As a female software engineer working in the game industry, you would think that I have a lot to say about sexism. It is no lie that women are outnumbered in the field of software engineering. At Zynga, I feel that a huge effort is made to recruit women, who now account for 38% of our total staff. However, amongst the software developers that number drops to a meager 5%. I think we are only 3 female developers on my entire floor at the moment.
Despite being part of a clear minority, I have never felt denigrated. My colleagues treat me as an equal. Zynga as a company prides itself in being a meritocracy, where everyone has the same opportunities to prove their value and be rewarded accordingly. I have no reason to doubt that, workwise, men and women are just as capable. Already, from kindergarten to post-doctoral studies, girls’ results match those of boys. Since the early 1980’s, more than half of college graduates are women. Although just as capable, there is no denying that we are different. And once we leave the controlled ecosystem of our schools and face the harsh realities of the work market, these differences can affect our professional progression in a myriad of ways.
Men obviously excel in the current work system. It is no wonder; historically, they created it while women stayed at home and took care of the family. The workforce has always been defined by men. They are in their element when negotiating advantageous conditions, asking for promotions and managing peers. Over 95% of Fortune 500 CEOs are men. They are able to separate their professional lives from their personal lives. On the plus side, there tends to be less drama in male groups, because they are confident, proud and good players. Figuratively, they have a gamer attitude that allows them to lightheartedly recover from failures. Even literally, they are very game-centered (maybe that is just because I work at a gaming company). At lunchtime I can never keep up with the conversations; too many references to Solstice Arena, Diablo, World of Warcraft, Civilization, Starcraft, etc. All games that revolve around a central theme: domination! Men currently rule the world.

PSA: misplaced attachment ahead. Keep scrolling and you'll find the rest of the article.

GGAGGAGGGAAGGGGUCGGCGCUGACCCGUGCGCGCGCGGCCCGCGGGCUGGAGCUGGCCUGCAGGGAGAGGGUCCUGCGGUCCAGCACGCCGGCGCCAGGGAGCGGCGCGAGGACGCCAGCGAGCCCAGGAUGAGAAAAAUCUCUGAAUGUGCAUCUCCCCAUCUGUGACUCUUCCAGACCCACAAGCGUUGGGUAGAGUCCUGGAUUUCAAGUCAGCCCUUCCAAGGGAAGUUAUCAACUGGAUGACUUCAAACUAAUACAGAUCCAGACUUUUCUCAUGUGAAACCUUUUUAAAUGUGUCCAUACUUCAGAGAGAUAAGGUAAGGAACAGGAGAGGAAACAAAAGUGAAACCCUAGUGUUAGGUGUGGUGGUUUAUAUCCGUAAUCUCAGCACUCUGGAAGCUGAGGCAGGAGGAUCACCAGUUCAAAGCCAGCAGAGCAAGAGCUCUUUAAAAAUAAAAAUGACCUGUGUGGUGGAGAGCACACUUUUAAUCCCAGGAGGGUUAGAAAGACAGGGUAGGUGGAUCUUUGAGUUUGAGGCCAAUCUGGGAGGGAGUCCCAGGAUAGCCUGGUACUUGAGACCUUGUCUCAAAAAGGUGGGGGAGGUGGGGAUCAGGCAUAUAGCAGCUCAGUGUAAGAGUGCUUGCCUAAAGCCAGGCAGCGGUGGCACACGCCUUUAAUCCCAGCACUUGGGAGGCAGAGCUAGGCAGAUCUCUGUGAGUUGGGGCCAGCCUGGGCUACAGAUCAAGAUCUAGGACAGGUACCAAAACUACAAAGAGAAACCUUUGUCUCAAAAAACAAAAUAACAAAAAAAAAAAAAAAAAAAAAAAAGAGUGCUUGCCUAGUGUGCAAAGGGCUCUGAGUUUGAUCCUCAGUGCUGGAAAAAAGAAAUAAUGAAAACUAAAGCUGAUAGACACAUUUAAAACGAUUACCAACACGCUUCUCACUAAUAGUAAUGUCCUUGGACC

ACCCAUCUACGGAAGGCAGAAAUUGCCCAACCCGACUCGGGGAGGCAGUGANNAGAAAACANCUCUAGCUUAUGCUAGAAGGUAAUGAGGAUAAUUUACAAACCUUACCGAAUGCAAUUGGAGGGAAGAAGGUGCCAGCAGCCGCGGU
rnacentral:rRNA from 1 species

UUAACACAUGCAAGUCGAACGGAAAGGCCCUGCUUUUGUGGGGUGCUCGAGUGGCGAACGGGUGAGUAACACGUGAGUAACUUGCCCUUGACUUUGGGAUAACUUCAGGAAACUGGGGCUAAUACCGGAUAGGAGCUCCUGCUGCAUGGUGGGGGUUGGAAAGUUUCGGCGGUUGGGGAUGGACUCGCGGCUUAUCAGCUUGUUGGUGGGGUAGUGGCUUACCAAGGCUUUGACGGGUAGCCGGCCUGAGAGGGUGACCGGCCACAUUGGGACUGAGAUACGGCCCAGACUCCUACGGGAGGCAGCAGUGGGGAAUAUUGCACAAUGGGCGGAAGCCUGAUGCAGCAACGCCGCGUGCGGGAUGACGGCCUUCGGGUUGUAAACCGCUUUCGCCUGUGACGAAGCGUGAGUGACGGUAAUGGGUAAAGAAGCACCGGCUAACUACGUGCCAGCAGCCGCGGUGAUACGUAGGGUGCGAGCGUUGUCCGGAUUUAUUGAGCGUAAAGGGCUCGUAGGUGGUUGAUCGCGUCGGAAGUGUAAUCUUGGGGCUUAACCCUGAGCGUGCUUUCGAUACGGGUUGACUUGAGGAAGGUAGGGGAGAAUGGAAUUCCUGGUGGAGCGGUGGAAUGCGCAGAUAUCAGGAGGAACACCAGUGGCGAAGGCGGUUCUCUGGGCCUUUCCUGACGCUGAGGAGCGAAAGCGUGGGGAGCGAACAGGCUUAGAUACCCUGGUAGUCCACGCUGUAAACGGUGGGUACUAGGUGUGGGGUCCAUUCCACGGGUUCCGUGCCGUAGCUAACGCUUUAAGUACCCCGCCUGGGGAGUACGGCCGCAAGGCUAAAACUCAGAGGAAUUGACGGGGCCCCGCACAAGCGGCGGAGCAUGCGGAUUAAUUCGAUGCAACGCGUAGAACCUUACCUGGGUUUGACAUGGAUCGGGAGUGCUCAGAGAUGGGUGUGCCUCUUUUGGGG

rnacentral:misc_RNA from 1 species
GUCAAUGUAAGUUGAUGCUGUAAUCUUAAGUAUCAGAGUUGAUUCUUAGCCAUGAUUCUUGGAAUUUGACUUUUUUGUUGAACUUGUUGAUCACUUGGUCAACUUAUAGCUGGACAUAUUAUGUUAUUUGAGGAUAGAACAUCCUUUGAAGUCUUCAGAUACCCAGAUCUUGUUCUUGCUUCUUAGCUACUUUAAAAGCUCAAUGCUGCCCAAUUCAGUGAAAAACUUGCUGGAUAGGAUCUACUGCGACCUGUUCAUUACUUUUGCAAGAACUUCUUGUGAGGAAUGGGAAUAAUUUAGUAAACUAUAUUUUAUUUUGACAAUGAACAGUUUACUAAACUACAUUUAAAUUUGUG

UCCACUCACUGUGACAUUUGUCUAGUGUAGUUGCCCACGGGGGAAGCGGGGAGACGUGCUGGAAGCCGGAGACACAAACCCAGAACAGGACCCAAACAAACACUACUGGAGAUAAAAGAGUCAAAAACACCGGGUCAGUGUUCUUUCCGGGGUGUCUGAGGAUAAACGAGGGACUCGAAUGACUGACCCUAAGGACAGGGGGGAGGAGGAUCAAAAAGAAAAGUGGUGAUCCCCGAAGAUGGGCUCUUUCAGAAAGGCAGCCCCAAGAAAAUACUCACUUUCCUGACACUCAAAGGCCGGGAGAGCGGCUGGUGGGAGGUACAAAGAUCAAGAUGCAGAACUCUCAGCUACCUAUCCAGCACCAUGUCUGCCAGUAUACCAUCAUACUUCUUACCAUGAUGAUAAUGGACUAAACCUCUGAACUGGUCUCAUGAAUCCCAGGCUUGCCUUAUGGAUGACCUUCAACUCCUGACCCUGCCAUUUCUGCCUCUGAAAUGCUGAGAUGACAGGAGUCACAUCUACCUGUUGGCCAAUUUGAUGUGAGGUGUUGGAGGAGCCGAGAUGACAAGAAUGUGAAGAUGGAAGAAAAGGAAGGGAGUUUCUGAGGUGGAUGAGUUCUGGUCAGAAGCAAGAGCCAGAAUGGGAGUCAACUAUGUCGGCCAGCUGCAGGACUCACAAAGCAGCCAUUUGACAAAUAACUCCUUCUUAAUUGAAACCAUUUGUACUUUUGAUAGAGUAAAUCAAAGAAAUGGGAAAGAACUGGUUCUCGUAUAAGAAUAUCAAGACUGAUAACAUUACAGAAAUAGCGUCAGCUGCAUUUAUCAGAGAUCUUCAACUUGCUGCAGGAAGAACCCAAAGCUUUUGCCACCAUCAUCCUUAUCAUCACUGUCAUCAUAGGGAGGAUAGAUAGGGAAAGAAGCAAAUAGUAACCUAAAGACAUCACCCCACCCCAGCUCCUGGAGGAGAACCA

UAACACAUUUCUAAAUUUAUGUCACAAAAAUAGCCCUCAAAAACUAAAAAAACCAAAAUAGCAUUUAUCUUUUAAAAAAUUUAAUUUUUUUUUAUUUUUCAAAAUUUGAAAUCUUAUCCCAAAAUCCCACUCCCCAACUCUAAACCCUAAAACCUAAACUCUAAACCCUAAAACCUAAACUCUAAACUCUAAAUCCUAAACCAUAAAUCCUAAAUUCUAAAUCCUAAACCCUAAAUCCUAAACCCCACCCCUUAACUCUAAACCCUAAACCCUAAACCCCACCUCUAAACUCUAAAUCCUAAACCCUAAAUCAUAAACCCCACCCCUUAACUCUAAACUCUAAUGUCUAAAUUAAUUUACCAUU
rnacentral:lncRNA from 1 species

Now why are women underrepresented is one question, with many historic explanations, but at this time we must focus on the more actionable counterpart: how can this change? This is where Sheryl Sandberg’s book, Lean In, was a revelation. She brings forward a very simple concept: “More women in power”. This doesn’t mean that all women should aim to govern, but rather that those inclined to move into leadership positions should be encouraged to do so and carry the voices of all into light. In this way our realities can be exposed and our concerns can be addressed. Gaining power does not mean climbing up the ladder linearly, but rather finding a position from where one is comfortable to stand tall and proud. Sandberg makes a wonderful allusion to a jungle gym to replace the traditional image of a work ladder. In a ladder, everyone is stuck looking at the next person’s derriere, while in a jungle gym all spots can be just as fun.
Of course, there are many barriers to be overcome, because sexism is still present in the workspace. It takes many subtle forms, from harassment to inequitable wages. A 2011 McKinsey report found that while men are promoted based on potential; women are promoted based on past achievements. They need to fight in order to gain trust. We hear about these external barriers erected by society all the time. And anyone will politically agree that these must be fought. However, we tend to oversee that women are also held back by internal barriers that can be just as harmful and hard to eradicate.